What made you decide to finally have joint replacement surgery?
After having arthroscopic surgery four times on my left knee and several rounds of hyalgon injections, my surgeon began talking about joint replacement. Like many patients, the first thing I said was absolutely not!
My surgeon encouraged me to go home and do my research. I was impressed by his suggestion; therefore, I researched everything I could find regarding joint replacement. I learned about the variety of products available, what to expect with surgery, the recovery time and the quality of life after replacement.
I was overwhelmed with the amount of information available to prospective patients considering joint replacement. At my next appointment I took all of my information with me but was still unable to make a decision. Finally, my surgeon suggested a bone scan. He made it very clear to me the results of the scan would give us a definitive answer that would guide me to make a decision regarding replacement.
After seeing the results of the bone scan, I was convinced the best option for me was to move forward with joint replacement. My surgeon and I discussed options and agreed the DePuy Orthopaedics Sigma Rotating Platform knee was the best option for me based on my activity level and lifestyle. My surgeon also assured me that my age was not a factor in making this decision. My quality of life was what was most important to him at that time.
How did having joint replacement surgery affect your health and everyday life?
I felt like I had been given a second chance at life after joint replacement. I no longer had to deal with chronic pain. This allowed me to engage in any activity I chose without worrying if I'd have enough energy, if I'd be able to enjoy the activity to its fullest, or if I would have to skip an activity because of my pain. I was finally in a place in my life where I am a full and active participant in all activities in my life.
I begin each day wondering if there will be enough time in the day to do everything I would like to do. I am able to bike, dance, play golf, swim, hike, play with my grandchildren and the list goes on. Most importantly, I enjoy life through the eyes of someone who no longer deals with chronic pain. I enjoy life to its fullest without hesitation and I encourage others with severe joint pain to talk with their doctor about treatment options.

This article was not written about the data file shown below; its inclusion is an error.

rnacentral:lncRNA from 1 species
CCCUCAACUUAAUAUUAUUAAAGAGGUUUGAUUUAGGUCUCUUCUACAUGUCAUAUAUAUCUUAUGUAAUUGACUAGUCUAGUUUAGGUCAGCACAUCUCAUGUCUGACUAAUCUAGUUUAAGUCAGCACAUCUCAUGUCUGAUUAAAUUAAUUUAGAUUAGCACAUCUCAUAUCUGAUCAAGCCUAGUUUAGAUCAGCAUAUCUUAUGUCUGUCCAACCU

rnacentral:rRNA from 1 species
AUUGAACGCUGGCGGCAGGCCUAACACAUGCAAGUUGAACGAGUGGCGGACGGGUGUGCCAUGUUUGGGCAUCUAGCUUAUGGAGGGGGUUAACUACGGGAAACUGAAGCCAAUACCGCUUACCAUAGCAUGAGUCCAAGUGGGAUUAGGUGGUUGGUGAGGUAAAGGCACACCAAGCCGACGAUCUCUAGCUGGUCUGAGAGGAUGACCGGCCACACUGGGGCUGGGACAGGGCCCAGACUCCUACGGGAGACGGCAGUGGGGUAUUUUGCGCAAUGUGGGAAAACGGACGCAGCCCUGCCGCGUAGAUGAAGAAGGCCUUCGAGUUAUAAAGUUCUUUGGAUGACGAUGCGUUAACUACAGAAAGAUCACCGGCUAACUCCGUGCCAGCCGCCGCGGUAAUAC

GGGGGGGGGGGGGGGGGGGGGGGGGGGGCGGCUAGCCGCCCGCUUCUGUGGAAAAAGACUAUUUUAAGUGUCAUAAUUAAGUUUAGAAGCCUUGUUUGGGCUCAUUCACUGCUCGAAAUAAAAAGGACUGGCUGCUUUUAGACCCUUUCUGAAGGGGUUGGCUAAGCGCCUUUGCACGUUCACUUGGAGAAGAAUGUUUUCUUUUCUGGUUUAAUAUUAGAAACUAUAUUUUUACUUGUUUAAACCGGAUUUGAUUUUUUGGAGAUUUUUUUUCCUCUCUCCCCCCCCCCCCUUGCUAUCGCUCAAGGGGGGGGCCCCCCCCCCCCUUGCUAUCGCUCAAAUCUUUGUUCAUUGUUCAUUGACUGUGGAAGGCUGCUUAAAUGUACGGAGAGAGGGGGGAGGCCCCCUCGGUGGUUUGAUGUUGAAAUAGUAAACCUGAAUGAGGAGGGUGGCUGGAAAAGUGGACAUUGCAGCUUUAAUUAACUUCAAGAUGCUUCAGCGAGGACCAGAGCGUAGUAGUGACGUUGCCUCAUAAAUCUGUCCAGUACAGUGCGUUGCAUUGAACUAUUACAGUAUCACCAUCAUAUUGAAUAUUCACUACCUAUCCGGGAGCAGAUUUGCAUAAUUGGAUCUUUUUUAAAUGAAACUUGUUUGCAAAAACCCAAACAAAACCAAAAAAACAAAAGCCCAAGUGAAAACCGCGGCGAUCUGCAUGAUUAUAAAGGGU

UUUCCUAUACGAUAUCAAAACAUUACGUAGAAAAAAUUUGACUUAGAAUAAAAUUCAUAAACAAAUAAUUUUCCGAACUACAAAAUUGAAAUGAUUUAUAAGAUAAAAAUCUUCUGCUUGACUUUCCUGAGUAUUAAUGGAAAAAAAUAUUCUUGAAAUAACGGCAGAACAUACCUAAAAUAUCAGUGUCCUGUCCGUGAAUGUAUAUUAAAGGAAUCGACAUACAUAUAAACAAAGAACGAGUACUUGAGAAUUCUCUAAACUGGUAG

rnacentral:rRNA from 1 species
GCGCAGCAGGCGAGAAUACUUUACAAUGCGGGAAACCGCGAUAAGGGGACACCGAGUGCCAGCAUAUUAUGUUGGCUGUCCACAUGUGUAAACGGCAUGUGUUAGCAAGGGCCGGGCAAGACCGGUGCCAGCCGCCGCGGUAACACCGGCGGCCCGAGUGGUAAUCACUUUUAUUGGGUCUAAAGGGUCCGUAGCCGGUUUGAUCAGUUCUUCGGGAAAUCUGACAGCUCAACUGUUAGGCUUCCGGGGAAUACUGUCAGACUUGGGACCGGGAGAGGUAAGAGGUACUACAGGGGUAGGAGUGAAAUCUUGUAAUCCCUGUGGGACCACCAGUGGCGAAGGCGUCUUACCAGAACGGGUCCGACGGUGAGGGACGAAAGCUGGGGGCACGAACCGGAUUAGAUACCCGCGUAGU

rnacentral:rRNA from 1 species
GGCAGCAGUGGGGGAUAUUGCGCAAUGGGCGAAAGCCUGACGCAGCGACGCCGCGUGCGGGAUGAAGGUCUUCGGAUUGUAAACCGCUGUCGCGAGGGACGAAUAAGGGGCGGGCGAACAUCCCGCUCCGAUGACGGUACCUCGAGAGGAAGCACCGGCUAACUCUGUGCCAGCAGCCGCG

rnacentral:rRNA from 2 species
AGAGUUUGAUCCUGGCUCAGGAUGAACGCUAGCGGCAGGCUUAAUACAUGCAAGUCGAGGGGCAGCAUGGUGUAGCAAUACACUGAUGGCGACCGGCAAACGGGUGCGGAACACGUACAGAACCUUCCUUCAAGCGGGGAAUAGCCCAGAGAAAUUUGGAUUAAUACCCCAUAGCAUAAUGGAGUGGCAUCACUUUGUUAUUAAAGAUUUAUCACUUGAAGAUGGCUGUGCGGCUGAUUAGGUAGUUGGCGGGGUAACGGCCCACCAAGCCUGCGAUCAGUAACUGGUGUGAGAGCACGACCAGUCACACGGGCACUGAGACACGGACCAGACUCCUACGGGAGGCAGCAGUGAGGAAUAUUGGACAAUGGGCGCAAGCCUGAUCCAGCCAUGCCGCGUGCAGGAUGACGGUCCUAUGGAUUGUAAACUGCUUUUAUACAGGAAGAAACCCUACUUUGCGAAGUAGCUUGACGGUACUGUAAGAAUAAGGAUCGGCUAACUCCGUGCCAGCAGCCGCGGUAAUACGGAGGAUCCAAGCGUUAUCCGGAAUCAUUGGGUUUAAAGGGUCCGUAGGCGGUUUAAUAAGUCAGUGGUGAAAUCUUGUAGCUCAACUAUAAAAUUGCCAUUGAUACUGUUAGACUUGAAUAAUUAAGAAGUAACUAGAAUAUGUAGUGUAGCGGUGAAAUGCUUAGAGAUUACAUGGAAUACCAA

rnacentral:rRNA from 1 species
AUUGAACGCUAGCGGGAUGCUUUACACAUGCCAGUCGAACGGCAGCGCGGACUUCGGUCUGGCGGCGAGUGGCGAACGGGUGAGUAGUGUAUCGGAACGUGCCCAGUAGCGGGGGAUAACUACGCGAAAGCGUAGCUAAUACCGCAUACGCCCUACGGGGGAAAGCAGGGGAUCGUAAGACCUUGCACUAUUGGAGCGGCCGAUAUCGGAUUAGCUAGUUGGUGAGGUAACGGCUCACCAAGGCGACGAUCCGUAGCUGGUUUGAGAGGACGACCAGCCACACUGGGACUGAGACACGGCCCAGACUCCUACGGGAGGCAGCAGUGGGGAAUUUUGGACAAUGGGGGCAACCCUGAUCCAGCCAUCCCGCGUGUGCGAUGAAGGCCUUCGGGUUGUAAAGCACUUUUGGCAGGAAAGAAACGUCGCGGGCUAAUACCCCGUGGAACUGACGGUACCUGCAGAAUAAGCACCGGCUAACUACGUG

As baby boomers begin to hit their most at-risk years for joint replacement, what are important things they should know?
Dr. Manish Patel:
Severe hip and knee pain may be a result of osteoarthritis, which is the most common form of arthritis. Osteoarthritis is still not completely understood and there is no cure but some of the risk factors include family history, aging, weight, joint injury or overuse, nerve injury or lack of physical activity. Typically, symptoms begin to appear after age 40 and progress slowly. It is a degenerative condition that may slow with early treatment, but affected joints continue to get worse and will eventually impact activity level.
An osteoarthritis diagnosis is typically based on a number of things: medical history, physical examination, X-rays, MRI, and/or laboratory tests. It's important for people experiencing severe hip or knee pain to talk with an orthopedic surgeon in order to know their treatment options. For more information, including educational resources and seminars, and a doctor locator tool to help find an orthopedic surgeon in your area, people should visit www.RealLifeTested.com/
Interview with Jane Linnell. Email. 26 November 2012.
Interview with Manish Patel, M.D. Email. 26 November 2012.
Press Release and Info Sheet. Email. 9 November 2012.
Arthritis Foundation. Osteoarthritis Fact Sheet. Web. 27 November 2012. http://www.arthritis.org/media/newsroom/media-kits/Osteoarthritis_fact_sheet.pdf
Reviewed November 27, 2012
by Michele Blacksberg RN
Edited by Jody Smith
By Elizabeth Stannard Gromisch